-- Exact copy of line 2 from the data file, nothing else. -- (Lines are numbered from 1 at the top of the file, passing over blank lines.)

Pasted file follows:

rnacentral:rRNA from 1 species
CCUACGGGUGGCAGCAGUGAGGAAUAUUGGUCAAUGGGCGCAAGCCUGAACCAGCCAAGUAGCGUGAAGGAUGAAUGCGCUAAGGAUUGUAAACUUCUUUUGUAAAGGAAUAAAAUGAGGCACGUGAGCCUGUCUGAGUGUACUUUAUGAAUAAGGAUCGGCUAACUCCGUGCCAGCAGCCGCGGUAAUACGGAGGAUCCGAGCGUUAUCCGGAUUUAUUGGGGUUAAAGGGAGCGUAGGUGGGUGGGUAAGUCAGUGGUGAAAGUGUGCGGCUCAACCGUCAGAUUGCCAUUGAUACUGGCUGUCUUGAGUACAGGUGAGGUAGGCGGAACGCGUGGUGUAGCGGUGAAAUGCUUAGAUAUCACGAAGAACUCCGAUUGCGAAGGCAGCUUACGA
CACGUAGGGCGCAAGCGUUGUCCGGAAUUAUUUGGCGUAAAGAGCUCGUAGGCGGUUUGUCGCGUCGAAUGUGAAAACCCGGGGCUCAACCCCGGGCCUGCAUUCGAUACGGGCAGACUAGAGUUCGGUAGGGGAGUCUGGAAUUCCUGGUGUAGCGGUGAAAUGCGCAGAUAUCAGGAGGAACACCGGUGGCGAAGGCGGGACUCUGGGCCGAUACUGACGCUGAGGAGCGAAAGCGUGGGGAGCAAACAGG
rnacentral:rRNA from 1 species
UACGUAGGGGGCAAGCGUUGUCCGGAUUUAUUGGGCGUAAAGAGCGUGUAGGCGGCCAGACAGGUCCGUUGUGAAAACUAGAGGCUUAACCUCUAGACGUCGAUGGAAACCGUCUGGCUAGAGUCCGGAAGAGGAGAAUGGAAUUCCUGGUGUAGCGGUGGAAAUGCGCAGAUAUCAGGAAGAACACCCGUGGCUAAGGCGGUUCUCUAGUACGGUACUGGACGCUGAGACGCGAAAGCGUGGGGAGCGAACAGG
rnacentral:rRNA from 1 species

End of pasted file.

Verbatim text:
CCUACGGGUGGCAGCAGUGAGGAAUAUUGGUCAAUGGGCGCAAGCCUGAACCAGCCAAGUAGCGUGAAGGAUGAAUGCGCUAAGGAUUGUAAACUUCUUUUGUAAAGGAAUAAAAUGAGGCACGUGAGCCUGUCUGAGUGUACUUUAUGAAUAAGGAUCGGCUAACUCCGUGCCAGCAGCCGCGGUAAUACGGAGGAUCCGAGCGUUAUCCGGAUUUAUUGGGGUUAAAGGGAGCGUAGGUGGGUGGGUAAGUCAGUGGUGAAAGUGUGCGGCUCAACCGUCAGAUUGCCAUUGAUACUGGCUGUCUUGAGUACAGGUGAGGUAGGCGGAACGCGUGGUGUAGCGGUGAAAUGCUUAGAUAUCACGAAGAACUCCGAUUGCGAAGGCAGCUUACGA